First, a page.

Saturday, 28 July 2012

Hearts Ease in Winter

Late in the winter night,
all of my neighbours quiet,
I hear underneath our homes
the hum of a great,
suburban engine
warming the street lights’
yellow sodium.

Did some get in my eyes?
My eyes are burning.  I’d choose
two drops of Oberon’s
purple flower, known
to some as Heartsease,
by an arrow-head
newly riven, fresh

pinched-in-to, veined petals
squeezed between thumb and metal:
a drop on each lid could,
in a robin’s flight,
with glycerol wet,
restore my view
of Love’s forgotten quarrel.

Although the days are cold,
begun in long-drawn hours
of yellowed windows,
two drops of Heartsease
on my scalded eyes
would awaken me
to a sky near Athens.

Hearts Ease was published in the January 2013 issue of The Dawntreader. I suppose it's a bit trite to say I'm glad to see it in print, but written a couple of years ago it marks a definite step forward in my poetry chase.  I wrote it out quite quickly and then battled with it for weeks.  You know how it is with a word out of place...

Monday, 5 March 2012

Matching the occasion

From a coral sea, on the bed beside me,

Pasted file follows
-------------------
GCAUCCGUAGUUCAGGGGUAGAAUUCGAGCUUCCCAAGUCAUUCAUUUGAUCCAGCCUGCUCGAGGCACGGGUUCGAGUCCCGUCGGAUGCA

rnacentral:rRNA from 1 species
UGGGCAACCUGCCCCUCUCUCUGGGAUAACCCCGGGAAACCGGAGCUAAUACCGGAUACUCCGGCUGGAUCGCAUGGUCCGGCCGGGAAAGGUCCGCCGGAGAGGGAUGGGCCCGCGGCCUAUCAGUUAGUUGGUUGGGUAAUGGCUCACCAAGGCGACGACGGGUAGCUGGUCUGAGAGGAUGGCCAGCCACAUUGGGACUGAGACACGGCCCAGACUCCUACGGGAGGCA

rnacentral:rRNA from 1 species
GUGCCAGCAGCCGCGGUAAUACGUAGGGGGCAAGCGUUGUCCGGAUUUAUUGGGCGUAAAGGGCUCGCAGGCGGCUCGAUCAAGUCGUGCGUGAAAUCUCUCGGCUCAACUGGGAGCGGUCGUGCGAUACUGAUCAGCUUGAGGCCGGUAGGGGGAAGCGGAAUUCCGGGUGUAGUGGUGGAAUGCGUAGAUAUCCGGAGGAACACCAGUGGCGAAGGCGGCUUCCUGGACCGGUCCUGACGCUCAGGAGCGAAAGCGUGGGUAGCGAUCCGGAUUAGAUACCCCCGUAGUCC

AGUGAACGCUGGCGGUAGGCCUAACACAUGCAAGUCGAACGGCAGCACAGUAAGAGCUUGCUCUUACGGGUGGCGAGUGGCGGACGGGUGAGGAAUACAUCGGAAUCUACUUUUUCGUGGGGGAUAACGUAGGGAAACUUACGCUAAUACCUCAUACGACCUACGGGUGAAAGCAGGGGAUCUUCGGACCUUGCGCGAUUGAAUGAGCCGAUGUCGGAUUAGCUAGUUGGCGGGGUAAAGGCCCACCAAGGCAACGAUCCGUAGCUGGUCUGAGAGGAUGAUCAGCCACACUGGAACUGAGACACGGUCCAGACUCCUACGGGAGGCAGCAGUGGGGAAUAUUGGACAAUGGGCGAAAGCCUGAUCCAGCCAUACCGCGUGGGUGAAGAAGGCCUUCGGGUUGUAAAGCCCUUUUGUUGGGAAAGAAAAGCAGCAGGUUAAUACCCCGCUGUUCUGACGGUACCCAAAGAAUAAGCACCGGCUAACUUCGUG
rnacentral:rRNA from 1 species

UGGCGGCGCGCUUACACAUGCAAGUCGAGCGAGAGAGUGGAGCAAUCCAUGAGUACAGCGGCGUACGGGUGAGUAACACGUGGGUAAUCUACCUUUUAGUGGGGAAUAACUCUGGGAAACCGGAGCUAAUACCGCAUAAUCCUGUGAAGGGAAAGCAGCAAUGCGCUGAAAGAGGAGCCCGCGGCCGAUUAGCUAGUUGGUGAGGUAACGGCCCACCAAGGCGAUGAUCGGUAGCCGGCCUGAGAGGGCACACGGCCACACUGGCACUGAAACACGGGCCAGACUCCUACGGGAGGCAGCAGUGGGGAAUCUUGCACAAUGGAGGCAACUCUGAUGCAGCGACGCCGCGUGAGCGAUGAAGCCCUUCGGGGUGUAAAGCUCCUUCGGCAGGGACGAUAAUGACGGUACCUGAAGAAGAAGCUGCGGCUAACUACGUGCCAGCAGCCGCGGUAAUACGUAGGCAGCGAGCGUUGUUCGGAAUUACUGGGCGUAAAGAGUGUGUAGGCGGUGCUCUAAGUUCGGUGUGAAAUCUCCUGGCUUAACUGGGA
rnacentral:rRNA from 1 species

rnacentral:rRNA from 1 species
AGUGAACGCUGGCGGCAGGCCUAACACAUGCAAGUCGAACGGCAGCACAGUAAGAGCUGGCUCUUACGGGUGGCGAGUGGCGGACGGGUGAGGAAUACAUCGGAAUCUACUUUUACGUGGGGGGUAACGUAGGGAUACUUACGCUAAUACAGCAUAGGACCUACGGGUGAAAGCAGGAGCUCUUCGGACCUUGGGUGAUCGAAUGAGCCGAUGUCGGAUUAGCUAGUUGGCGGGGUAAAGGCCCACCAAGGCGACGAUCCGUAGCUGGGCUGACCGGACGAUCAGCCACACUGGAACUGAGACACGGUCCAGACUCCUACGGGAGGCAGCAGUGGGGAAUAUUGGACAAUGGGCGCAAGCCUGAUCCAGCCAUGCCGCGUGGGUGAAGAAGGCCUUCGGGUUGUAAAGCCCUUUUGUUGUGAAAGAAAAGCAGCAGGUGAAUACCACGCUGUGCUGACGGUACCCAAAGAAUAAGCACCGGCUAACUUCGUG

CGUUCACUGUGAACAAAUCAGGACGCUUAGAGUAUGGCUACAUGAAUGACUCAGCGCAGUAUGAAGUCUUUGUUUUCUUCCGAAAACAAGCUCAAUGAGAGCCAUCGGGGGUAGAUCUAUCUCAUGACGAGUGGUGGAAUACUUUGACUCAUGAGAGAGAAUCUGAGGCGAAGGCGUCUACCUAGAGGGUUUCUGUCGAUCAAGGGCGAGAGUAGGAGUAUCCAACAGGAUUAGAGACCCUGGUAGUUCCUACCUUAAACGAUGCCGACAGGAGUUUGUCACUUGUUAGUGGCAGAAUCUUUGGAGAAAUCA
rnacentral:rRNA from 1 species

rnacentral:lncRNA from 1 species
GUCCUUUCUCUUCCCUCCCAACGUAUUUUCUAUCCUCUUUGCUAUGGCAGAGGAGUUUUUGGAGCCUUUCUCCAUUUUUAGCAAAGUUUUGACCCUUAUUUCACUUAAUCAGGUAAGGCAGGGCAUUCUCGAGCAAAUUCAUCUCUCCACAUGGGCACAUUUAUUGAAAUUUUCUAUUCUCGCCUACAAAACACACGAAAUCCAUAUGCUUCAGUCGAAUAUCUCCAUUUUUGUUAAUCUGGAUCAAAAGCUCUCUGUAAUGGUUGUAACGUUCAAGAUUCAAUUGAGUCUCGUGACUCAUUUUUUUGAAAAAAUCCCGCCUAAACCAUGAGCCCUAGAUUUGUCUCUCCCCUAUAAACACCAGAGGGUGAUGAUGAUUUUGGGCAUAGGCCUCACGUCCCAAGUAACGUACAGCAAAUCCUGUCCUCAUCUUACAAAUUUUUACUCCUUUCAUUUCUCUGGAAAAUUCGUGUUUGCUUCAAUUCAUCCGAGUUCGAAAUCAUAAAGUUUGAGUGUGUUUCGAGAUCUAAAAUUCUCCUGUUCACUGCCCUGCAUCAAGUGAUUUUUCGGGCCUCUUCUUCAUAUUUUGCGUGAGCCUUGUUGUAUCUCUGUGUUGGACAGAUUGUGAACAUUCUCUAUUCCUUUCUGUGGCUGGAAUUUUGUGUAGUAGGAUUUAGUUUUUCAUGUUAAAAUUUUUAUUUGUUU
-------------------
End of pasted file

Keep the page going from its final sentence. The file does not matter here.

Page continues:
a wave along my view, aquamarine:
a wave that rides and rides and yet remains
stretched high and thin, thin as it can be:
finger-thin, in a low-warm, crackling wind,
no higher than a foot, translucent, tall
water blue, white flecks of spray like - static
electricity - this wave beside you
and above me: I am in your blue eyes

and in a pool, below the water's bourn,
where no sand lifts at all, no current stirs,
the water's still and thick as glycerine.
I see two pebbles, black and smooth, though out of place
both quite at ease, like you and me in double beds:
that is, two beds in holiday rooms pulled-to,
iron summer, in winter, painted wood,
separate, together, in warm or cold
two coddled eggs in a steamy poacher.

And here's my birthday card, in lurid colour,
my bedside picture of a happy couple
like lions rolling on the occasion,
both handsome, gazing in each other's eyes.
His sunglasses reflect - they must - blue skies,
still lake, see the sun and mountains, and bright
a petal-garnered border, red flowers, lips:
we watch them reflect on their willing world
in which we match completely.

This poem came to me on the morning of my birthday, a month ago, in bed and in that usual hypnogogic state which so many of us unhealthily rely on.  The mechanics of the piece aside, the night before my thoughts in general on poems had been: match the image to the emotion, and so I came-to, with a couple of images and my blue-eyed Helen beside me. Happy day.